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Monday, September 25, 2017

Jesus is God?

The apostle Paul during his defense before the Roman and Jewish leaders said:

"And now I am standing trial for the hope of the promise made by God to our fathers; the promise to which our twelve tribes hope to attain, as they earnestly serve God night and day. And for this hope, O King, I am being accused by Jews. Why is it considered incredible among you people if God does raise the dead?" (Acts 26:6-8)

It was a great question: Why is it considered incredible that the Almighty God could raise the dead?

I thought of Paul’s comment the other day when someone asked how Jesus can be God, when God is in heaven.

Aside from the impossibility for our finite minds to understand the infinite mind of God, and apart from the plentiful clues throughout Scripture regarding the deity of Jesus, I focused my response on one point. It was this:

Genesis 1:1 – “In the beginning, God created the heavens and the earth.”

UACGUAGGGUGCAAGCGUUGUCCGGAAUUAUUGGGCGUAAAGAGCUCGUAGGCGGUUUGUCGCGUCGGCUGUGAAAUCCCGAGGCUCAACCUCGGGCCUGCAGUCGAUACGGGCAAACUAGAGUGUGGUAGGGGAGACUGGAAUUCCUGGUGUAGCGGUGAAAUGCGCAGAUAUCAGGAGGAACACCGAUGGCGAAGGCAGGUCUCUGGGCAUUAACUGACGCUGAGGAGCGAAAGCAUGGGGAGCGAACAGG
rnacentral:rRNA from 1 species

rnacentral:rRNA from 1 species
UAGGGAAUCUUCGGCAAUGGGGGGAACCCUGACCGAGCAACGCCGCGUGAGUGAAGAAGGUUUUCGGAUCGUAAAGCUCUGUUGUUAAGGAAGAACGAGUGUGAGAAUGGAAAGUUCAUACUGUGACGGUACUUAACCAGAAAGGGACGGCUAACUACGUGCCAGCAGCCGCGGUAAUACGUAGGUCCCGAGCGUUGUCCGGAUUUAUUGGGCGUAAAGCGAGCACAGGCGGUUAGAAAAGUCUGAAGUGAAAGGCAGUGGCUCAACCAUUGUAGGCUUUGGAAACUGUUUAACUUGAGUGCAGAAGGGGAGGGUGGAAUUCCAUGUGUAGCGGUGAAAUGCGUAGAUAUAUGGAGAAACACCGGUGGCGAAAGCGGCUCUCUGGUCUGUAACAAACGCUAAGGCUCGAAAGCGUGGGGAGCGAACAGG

I am unable to wrap my human mind around the concept that before the beginning, nothing existed. Nothing. Existed.
Not an atom, or an electron spinning around a nucleus. Nothing existed until the Almighty created it.

Space – if we can even call it ‘space’ was a complete and absolute void before God created it all.

So, why is it considered incredible that this Almighty God, who did all that He did in the beginning – why is it incredible that He “emptied Himself, taking the form of a bond-servant and [was] made in the likeness of men”? Why also would it be implausible that Almighty God, “being found in appearance as a man, He humbled Himself by becoming obedient to the point of death, even death on a cross”? (see Philippians 2:5-11).

Genesis 1 reaches far beyond our human capacity to understand the work of Almighty God. And that should not surprise us, because if we were able to understand God, He would not be God.

The concept of Jesus' deity also stretches beyond our human reasoning. But neither should that surprise us. If we could understand God, He would not be God.

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